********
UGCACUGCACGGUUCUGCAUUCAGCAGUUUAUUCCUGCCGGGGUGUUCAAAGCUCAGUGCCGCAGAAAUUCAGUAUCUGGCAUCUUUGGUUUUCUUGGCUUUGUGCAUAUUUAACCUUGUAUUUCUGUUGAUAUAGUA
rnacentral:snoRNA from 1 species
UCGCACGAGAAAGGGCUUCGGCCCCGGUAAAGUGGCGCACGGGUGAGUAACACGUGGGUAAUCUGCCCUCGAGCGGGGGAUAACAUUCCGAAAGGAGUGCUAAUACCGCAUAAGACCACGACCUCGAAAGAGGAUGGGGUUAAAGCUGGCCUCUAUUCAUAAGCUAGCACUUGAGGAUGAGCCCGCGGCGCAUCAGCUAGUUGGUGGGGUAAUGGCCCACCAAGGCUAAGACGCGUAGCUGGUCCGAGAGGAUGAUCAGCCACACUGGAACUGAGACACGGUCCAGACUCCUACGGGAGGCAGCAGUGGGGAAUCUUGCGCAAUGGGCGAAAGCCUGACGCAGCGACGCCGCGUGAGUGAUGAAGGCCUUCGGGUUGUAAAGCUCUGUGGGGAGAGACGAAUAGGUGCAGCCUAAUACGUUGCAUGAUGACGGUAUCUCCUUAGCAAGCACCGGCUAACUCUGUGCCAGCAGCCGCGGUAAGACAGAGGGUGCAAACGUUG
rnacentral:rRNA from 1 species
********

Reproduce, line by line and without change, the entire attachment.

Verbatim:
UGCACUGCACGGUUCUGCAUUCAGCAGUUUAUUCCUGCCGGGGUGUUCAAAGCUCAGUGCCGCAGAAAUUCAGUAUCUGGCAUCUUUGGUUUUCUUGGCUUUGUGCAUAUUUAACCUUGUAUUUCUGUUGAUAUAGUA
rnacentral:snoRNA from 1 species
UCGCACGAGAAAGGGCUUCGGCCCCGGUAAAGUGGCGCACGGGUGAGUAACACGUGGGUAAUCUGCCCUCGAGCGGGGGAUAACAUUCCGAAAGGAGUGCUAAUACCGCAUAAGACCACGACCUCGAAAGAGGAUGGGGUUAAAGCUGGCCUCUAUUCAUAAGCUAGCACUUGAGGAUGAGCCCGCGGCGCAUCAGCUAGUUGGUGGGGUAAUGGCCCACCAAGGCUAAGACGCGUAGCUGGUCCGAGAGGAUGAUCAGCCACACUGGAACUGAGACACGGUCCAGACUCCUACGGGAGGCAGCAGUGGGGAAUCUUGCGCAAUGGGCGAAAGCCUGACGCAGCGACGCCGCGUGAGUGAUGAAGGCCUUCGGGUUGUAAAGCUCUGUGGGGAGAGACGAAUAGGUGCAGCCUAAUACGUUGCAUGAUGACGGUAUCUCCUUAGCAAGCACCGGCUAACUCUGUGCCAGCAGCCGCGGUAAGACAGAGGGUGCAAACGUUG
rnacentral:rRNA from 1 species